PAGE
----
Some Observations on Prop C
Yesterday’s primary election featured a statewide vote on Proposition C, otherwise known as the Health Care Freedom Act. The bill originated as a proposed amendment to the Missouri Constitution, but when it became clear that the bill could not be brought to a vote in the Senate, its proponents reached a compromise that would allow citizens to vote on it as a statute. The new statute is unlikely to have much legal effect, but it was touted as a way for Missourians to concretely express their opinions about the individual health insurance mandate that serves as the cornerstone for the federal health care reform law adopted by Congress earlier this year.
The Health Care Freedom Act passed with more than 71 percent of the vote, but this alone does not truly tell the story. Primary elections have a different dynamic than general elections, with lower turnouts that can be dominated by one party or another; a measure passing with 71 percent of the vote might not be surprising if, say, the party most likely to favor that measure had far more supporters going to the polls. And, in fact, about 64 percent of those who voted yesterday chose Republican ballots, while only 35 percent chose Democratic ballots. The Health Care Freedom Act was sponsored by and primarily driven by Republicans, and its target was a provision in a bill passed by a Democratic Congress and a Democratic President — so, given the turnout, perhaps the landslide victory for Prop C was just to be expected.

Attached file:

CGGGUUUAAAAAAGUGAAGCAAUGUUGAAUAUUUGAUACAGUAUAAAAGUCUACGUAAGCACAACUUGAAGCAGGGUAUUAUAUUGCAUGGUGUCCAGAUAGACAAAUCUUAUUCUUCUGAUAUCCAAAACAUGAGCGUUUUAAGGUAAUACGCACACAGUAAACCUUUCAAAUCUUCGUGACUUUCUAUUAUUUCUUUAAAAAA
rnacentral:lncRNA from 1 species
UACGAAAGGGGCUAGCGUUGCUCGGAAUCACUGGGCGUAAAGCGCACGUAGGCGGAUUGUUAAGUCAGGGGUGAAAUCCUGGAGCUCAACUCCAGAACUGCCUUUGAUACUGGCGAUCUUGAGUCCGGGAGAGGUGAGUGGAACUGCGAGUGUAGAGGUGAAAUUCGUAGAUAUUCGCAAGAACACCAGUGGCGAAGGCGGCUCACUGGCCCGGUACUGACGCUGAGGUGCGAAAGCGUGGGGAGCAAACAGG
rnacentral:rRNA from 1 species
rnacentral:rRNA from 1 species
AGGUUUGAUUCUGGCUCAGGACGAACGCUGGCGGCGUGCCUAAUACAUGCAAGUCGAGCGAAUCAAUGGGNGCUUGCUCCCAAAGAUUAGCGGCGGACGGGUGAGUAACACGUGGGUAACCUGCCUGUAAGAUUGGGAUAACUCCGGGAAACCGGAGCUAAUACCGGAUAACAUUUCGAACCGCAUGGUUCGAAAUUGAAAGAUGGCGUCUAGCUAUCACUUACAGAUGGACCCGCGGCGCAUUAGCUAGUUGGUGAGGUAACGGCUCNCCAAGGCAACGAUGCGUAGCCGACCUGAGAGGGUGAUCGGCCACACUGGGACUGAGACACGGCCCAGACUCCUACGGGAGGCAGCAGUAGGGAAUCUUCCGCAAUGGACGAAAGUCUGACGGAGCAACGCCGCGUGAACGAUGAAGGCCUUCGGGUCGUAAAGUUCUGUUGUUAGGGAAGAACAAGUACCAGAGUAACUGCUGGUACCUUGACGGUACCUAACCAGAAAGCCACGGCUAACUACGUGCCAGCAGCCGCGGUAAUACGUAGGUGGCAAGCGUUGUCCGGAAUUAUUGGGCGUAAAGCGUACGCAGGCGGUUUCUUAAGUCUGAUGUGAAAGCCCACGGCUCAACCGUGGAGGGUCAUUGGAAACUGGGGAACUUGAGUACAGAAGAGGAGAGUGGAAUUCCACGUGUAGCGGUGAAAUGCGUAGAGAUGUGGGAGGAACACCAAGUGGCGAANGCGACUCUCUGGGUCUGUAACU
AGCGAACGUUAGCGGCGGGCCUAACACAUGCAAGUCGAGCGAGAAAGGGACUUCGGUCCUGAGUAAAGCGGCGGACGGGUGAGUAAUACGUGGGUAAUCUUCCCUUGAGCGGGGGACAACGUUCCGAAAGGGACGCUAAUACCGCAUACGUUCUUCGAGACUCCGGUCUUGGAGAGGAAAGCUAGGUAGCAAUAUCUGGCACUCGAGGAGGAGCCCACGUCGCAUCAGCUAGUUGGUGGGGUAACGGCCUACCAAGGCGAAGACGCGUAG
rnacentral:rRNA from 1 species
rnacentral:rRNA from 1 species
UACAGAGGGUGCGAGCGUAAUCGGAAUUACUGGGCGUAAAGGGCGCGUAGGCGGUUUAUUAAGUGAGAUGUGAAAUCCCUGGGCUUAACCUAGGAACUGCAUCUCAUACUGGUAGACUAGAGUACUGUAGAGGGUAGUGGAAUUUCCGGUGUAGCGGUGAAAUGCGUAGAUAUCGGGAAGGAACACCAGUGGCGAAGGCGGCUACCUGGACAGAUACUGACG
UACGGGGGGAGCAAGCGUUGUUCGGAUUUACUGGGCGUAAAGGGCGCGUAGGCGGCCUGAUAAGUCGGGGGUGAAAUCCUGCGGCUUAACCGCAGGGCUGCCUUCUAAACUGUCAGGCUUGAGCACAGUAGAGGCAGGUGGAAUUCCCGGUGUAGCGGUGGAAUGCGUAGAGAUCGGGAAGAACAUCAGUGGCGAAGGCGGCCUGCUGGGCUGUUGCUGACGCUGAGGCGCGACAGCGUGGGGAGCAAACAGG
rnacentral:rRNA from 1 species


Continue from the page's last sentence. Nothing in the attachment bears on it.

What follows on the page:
Not so fast.
Looking more closely at the data, it appears that a significant percentage of Democrats also voted in favor of Prop C, presumably indicating dissatisfaction with the individual health insurance mandate. How can we know? Just compare the number of Democratic ballots cast in the race for U.S. Senate (315,787) to the number of votes cast against Prop C (271,102). That means that even if we assume that every person using a Republican, Libertarian, or Constitution Party ballot voted in favor of the Proposition (an unlikely prospect), more than 40,000 people using Democratic ballots also supported the measure. In St. Louis city, at least 29 percent of those casting Democratic ballots voted in favor of Prop C (26,696 Democratic ballots; 18,989 votes against Prop C). In Kansas City, at least 20 percent of those casting Democratic ballots voted in favor of Prop C (20,534 Democratic ballots; 16,383 votes against Prop C). When one considers that it is likely that at least a small percentage of Republican, Libertarian, and Constitution Party voters voted against Prop C, that means that anywhere from 25 percent to 40 percent of Democrat voters statewide probably supported the measure.
There are limits to what yesterday’s vote can tell us. For example, are Prop C’s supporters opposed to all parts of the federal health care law, or just the individual mandate? At a minimum, though, it does seem remarkably clear that Missouri voters have demonstrated a broad and bipartisan opposition to the idea that Congress should force people to purchase health insurance.